On Your Side
Sleeping on your left side aids in optimum blood flow which is great for your recovering body. You may still need that full-body pregnancy pillow around to support your belly and hips. This position also makes it easier to get into and out of bed and may just be a transition for you as you get into and out of bed. Many new moms find the side-lying position is the most comfortable breastfeeding position for new moms who are recovering from a C-section. If you do decide to breastfeed with your baby in this position, make sure to keep your baby safe and move them out of your bed before you fall asleep. The American Academy of Pediatrics (AAP) doesn’t recommend bed-sharing with your newborn. A bedside bassinet can create a safe and separate space for your baby.
Elevated Upper Body
If you have a wedge pillow this can be very helpful since it will elevate the entire upper body. If not, you can still get the same benefits with a carefully arranged pile of pillows. This also goes well with the pillows under your knees for a fully supported position. Reference back to the “logroll” method mentioned above to get into and out of this position. If you’ve been told you could be at risk for obstructive sleep apnea (OSA), this may have been recommended by your Dr. Moms who have had C-Sections may be at a higher risk for this condition, but a study published in the journal CHEST, found sleeping at a 45-degree angle helps to breathe easier and didn’t seem to interfere with sleep quality or duration.
Block out Distractions
As you rest at the same time as your baby, you may find the time goes very quickly for a nap. Just as you start to doze off that’s when you hear the baby waking up… Getting into a restful mindset and asleep as quickly as possible can be a struggle and the stress of limited time can sometimes make it even more difficult to get to sleep! Consider keeping an eye mask nearby to block out some light as you rest during the day. It’s tempting to unwind with time on your phone or other electronics once the baby is sleeping, but these will not allow you to sleep and get the rest you need. Planning some unplugged rest time will help to disconnect and mentally recharge. Turn off your notifications if possible or set your device away from you so you’re not tempted to pick it up during your dedicated rest time.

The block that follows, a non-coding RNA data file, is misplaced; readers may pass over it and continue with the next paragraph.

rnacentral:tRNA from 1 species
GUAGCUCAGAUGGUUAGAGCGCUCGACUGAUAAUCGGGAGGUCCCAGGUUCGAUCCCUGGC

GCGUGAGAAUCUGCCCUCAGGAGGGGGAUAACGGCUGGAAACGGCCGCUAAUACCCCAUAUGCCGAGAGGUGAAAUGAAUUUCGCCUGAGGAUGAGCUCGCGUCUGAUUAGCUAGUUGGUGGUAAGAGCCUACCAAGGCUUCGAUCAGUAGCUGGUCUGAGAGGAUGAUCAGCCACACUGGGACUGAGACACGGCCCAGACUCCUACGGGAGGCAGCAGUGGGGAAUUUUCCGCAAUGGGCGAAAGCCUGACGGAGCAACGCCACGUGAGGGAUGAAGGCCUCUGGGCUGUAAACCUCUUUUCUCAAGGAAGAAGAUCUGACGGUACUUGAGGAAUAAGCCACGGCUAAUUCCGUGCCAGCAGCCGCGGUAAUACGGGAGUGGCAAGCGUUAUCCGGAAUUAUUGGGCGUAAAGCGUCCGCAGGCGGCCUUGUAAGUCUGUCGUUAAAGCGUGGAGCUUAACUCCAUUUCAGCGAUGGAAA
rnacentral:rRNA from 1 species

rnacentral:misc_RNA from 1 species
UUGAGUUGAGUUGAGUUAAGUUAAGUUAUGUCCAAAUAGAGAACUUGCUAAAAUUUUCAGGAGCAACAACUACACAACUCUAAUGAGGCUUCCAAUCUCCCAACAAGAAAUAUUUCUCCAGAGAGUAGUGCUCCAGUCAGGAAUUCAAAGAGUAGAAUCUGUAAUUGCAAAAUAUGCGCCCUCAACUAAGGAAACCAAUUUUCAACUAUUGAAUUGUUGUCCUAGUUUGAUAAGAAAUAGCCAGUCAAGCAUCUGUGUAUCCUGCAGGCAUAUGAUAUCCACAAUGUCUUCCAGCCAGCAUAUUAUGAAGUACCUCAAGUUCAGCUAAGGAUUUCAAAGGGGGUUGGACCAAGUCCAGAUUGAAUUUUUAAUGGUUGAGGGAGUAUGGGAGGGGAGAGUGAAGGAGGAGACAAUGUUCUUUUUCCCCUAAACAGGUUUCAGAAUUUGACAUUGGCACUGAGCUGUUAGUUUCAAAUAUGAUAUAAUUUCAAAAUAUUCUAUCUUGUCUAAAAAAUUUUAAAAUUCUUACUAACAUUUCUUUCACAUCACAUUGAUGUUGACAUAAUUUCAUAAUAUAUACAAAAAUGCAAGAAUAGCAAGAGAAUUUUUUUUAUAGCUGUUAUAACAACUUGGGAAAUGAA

On the other hand, your phone or a tablet might still come in handy. Many apps have nature sounds and white noise options to help block out distractions. The sound of the ocean or a forest could be helpful to ease you into sleep. One study suggests a white noise machine can reduce sleep onset for patients, or the time it takes to fall asleep, by nearly 40% compared to patients who don’t use these devices. There are also many YouTube channels, podcasts, and music channels dedicated to guided sleep and relaxation which can help guide you into a comfortable and restful mental space. Turn on some relaxation sounds, white noise, or soft music, lay back, and relax.
Take Care of Yourself
These first 6 weeks are a very important time for your newborn, but also for yourself as you recover from your C-section. Making your own health and recovery a priority is a very important part of taking care of your family. Your body has gone through some amazing changes in the last 9 months, and there are more changes ahead as your hormones and body recover from giving birth. You may experience a roller coaster of emotions during this time which is absolutely normal, but if you feel yourself becoming more anxious, worried, or depressed after the first couple of weeks, contact your health care professionals to talk about how you’re feeling.
Enjoy this new and exciting time with your newborn and your growing family!
A new baby is like the beginning of all things — wonder, hope, a dream of possibilities. -Eda Leshan
Written by contributing writer Amber Mauriello